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[Caml-list] a design problem requiring downcasting? (long)
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Date: 2002-09-26 (19:14)
From: Fred Smith <fsmith@m...>
Subject: RE: [Caml-list] a design problem requiring downcasting? (long)
Hi Mike,

I have just recently started playing around with classes so am sure that my
solution can be improved.  In fact it may be a duplicate of other solutions
posted on the list although I haven't seen it.  Still it was fun to come up
with so here goes.

The basic idea is to have each class implement a method wrap that returns
self in a variant type that can be dispatched on.  The problem with this
naive approach is that type declarations and class declarations cannot
(AFAIK) be mutually recursive.  Besides it would be best to avoid mutual
recursion if possible.

The solution I propose is one familiar to people with mutually recursive
modules.  Make this wrap method polymorphic and bind the type variable later
on after the definition of the datatype.  I believe this solves the problem
and should be fairly extensible.

The code I used to test my solution is below.  Your array would have
elements of type c_wrapped.

Good luck.


class virtual className =
    method virtual className : string

class ['a] c1_raw wrapper =
    inherit className
    method wrap = (wrapper (self :> 'a c1_raw) : 'a)
    method className = "c1"
    method my_method (o : className) = o#className

class ['a] c2_raw wrapper =
    inherit className
    method wrap = (wrapper (self :> 'a c2_raw) :'a)
    method className = "c2"

type classVar = C1 of classVar c1_raw | C2 of classVar c2_raw ;;

class c1 = [classVar]c1_raw (fun o -> C1 o);;
class c2 = [classVar]c2_raw (fun o -> C2 o);;

class type c_wrapped =
      method wrap : classVar
      method className : string

let app o1 o2 =
  match o1#wrap with
    C1 o1' -> o1'#my_method (o2 :> className)
  | _ -> failwith "error"

let o1 = new c1;;
let o2 = new c2;;

app (o1 :> c_wrapped)  (o2 :> c_wrapped)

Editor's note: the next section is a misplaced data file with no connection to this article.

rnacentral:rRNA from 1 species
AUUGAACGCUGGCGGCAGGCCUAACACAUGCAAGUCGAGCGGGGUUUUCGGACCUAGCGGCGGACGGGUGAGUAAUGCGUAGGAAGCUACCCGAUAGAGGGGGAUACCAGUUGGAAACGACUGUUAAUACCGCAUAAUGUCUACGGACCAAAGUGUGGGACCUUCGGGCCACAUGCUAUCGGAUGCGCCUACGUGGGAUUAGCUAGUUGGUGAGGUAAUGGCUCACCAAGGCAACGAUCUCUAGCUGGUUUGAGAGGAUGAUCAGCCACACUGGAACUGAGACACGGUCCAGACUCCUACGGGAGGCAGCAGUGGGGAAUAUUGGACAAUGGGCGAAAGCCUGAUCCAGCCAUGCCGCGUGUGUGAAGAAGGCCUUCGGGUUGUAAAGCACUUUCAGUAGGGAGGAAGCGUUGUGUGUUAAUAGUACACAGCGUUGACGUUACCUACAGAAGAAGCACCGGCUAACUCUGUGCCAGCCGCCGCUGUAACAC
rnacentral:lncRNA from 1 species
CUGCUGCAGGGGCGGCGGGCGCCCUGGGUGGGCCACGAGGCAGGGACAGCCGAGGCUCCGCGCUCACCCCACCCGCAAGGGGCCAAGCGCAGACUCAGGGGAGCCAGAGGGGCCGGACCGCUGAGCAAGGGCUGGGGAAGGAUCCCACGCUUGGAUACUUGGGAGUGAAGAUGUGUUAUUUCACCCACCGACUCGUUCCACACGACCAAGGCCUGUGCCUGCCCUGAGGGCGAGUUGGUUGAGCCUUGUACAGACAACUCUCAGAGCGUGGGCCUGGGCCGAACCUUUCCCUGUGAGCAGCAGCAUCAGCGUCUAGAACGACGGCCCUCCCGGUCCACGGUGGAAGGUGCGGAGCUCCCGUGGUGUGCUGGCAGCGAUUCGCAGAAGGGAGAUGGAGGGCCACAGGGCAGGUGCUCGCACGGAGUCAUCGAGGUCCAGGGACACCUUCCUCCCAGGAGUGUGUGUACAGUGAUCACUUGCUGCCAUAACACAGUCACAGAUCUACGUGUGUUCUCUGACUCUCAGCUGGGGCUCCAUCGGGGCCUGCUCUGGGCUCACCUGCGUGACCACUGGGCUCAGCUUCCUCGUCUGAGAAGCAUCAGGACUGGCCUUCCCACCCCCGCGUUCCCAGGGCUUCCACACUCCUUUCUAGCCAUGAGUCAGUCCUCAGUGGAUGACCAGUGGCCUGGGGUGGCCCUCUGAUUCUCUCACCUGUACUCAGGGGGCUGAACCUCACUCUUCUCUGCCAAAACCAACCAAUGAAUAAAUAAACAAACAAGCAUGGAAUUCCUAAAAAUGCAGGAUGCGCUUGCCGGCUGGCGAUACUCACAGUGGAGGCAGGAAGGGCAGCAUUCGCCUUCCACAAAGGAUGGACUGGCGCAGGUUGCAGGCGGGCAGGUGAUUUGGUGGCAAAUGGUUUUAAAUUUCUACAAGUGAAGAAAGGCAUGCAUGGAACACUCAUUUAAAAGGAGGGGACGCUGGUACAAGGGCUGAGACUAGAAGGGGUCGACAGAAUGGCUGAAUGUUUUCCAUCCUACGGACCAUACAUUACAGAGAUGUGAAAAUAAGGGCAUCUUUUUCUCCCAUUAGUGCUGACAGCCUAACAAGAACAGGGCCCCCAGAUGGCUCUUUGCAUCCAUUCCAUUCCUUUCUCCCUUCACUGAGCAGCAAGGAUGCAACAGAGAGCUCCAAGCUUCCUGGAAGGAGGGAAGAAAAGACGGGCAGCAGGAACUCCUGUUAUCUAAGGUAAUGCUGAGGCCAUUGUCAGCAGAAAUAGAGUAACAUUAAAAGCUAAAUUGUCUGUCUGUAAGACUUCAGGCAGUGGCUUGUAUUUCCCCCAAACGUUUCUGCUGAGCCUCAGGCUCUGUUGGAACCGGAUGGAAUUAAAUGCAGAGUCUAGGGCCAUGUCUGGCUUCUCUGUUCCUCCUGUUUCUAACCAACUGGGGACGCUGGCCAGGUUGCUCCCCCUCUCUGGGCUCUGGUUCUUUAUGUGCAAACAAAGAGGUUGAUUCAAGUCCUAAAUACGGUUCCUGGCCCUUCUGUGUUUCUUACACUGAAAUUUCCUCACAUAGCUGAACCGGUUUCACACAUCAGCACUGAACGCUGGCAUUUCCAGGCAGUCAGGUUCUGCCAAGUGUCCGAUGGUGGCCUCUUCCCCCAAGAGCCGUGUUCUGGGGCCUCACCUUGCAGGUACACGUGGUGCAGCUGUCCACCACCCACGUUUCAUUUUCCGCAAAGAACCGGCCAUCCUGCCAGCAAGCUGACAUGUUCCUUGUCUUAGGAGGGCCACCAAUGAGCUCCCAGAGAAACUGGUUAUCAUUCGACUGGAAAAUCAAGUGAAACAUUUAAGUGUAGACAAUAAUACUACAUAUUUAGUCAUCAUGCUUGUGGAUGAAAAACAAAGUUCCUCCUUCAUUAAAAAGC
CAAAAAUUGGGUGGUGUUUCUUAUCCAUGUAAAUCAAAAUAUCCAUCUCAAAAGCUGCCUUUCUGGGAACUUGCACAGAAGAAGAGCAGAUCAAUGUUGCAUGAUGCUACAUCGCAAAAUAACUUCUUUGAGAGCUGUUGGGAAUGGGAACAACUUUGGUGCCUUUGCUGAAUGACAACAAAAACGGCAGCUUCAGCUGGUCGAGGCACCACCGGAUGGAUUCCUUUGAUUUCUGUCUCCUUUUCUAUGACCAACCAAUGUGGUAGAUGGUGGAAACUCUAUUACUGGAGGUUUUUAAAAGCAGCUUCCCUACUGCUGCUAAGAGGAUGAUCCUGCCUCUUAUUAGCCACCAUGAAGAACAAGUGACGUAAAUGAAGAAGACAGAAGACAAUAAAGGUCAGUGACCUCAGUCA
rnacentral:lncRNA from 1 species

> -----Original Message-----
> From:
> []On Behalf Of Michael Vanier
> Sent: Thursday, September 26, 2002 5:01 AM
> To:
> Subject: [Caml-list] a design problem requiring downcasting? (long)
> I've run into a design problem that I think requires downcasting, and I
> wanted to see if anyone on the list has any ideas about an alternative
> approach, since AFAIK downcasting is impossible in the current
> ocaml object
> system (at least without nasty Obj.magic hacks).  I'll try to simplify the
> problem as much as possible, but this is still pretty long.
> Here's the problem.  I'm working on the redesign of a large
> simulation system
> originally written in C.  It has all the problems that one always finds in
> software written in C: lots of bugs, memory leaks, crashes, etc. etc.  I
> would like to re-write this in a safe language, preferably ocaml
> (since it's
> my favorite language).  An alternative might be java, although I
> think ocaml
> would be significantly faster (not to mention more reliable and
> much more fun
> to program in).  C++ would also be a valid choice except that I
> find that I
> can't bear to work in languages without garbage collection anymore, and
> anyway, the type discipline of ocaml is a big attraction for me.
> It turns out that the design of the core simulator doesn't pose any real
> problems.  However, part of the simulation infrastructure is very
> difficult
> to achieve without having a way of downcasting (casting from a